PI: Douglas White, MD, MAS
  Some caregivers may find themselves in the role of surrogate decision maker for their friend or loved one. The goal of this study is to conduct a multicenter efficacy trial of the Four Supports Intervention among 400 critically ill older adults to reduce their long term symptoms of depression and anxiety.   Read more

Self-management via Health Kiosk by community-residing older adults

PI: Judith Matthews, PhD, MPH, RN
This project studies older adults’ views, motivations, and patterns of use of an adaptive, community-based, multi-user health kiosk over 18 months of study participation. The goal is to understand how and why older adults use a health kiosk to live a healthier lifestyle and monitor and manage selected chronic conditions. Read more

Barriers to Initiating and Persisting with Guideline-Adherent Treatment for Ovarian Cancer

PI: Heidi Donovan, PhD, RN
Funded through the National Cancer Institute’s SPORE (Specialized Programs of Research Excellence) program, this set of studies aims to identify barriers to initiating and persisting with guideline adherent treatment among women with ovarian cancer, their family caregivers, and healthcare providers.  Read more

SmartCare Study

PIs: Heidi Donovan, PhD, RN and Paula Sherwood, PhD, RN, CNRN, FAAN
The goal of the SmartCare Study was to identify the most effective ways to deliver interventions to improve the psychological and physical health of family caregivers of persons with primary malignant brain tumors (PMBT).  Read more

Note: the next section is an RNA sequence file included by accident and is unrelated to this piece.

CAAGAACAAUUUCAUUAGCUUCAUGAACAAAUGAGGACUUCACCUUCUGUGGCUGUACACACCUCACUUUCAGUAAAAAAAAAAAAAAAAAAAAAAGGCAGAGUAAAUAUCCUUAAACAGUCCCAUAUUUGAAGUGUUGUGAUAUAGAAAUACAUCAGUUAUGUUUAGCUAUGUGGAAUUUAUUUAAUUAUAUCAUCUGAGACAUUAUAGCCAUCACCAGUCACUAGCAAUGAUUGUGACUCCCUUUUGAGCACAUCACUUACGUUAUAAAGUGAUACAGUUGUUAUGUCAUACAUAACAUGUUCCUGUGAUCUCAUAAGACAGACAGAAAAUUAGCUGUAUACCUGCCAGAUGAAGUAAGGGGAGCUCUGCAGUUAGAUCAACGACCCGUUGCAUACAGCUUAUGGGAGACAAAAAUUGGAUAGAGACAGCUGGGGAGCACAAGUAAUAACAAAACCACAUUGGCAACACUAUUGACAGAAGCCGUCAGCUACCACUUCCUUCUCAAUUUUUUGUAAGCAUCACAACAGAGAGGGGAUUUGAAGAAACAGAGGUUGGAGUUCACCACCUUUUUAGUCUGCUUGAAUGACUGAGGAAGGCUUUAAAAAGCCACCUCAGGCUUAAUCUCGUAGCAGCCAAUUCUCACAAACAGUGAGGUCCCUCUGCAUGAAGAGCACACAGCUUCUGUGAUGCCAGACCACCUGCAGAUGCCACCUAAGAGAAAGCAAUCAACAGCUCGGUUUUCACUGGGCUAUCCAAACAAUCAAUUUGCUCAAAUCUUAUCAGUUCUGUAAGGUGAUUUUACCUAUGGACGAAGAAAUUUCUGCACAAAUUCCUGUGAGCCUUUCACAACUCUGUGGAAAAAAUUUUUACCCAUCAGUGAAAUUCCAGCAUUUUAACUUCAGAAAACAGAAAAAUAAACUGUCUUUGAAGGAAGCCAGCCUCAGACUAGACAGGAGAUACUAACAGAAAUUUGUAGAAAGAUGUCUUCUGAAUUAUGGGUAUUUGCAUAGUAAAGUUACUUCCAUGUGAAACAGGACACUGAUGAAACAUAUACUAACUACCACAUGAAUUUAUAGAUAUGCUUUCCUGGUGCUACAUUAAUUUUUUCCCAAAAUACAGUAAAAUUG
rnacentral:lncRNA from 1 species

Microsimulation Model to Examine Caregiving

PIs: Julia Driessen, PhD and Hawre Jalal, MD, MSc, PhD   Informal caregiving is a critical component of long-term care in the United States, but is woefully underemphasized in longer-term care research and policy. Through the use of a highly detailed microsimulation model, we aim to provide insight into the health and financial impact of various policy decisions.    Read more

Stroke Caregiver Empowerment (STROKE-CARE)

PI: Juleen Rodakowski, OTD, MS, OTRL
The primary purpose of the Stroke Caregiver Empowerment Study is to refine STROKE-CARE for caregivers and explore changes in caregiver and care-recipient outcomes. The proposed study refines a behavioral intervention that teaches caregivers to facilitate problem solving over the course of daily activities.  Read more

Addressing the Health Needs of an Aging America: New Opportunities for Evidence-Based Policy Solutions

PI: Everette James, JD, MBA , Sally Morton, PhD, and William Dunn, PhD
Researchers at the Stern Center for Evidence-Based Policy Research (formerly part of the Health Policy Institute) systematically mapped the landscape of research evidence and policy recommendations to locate immediate opportunities for evidence-based policy to address the changing health needs of the aging U.S. population. Read more

Addressing the Needs of Caregivers at Risk: A New Policy Strategy

PIs: Everette James, JD, MBA, Meredith Hughes, JD, MPH, and Philip Rocco    Researchers at the Stern Center, formerly part of the Health Policy Institute, surveyed the current landscape of federal and state policies to address economic and health risks faced by lay caregivers who play an increasingly critical role in sustaining the health of millions of aging Americans.   Read more

Alzheimer Disease Research Center Outreach, Recruitment and Education Core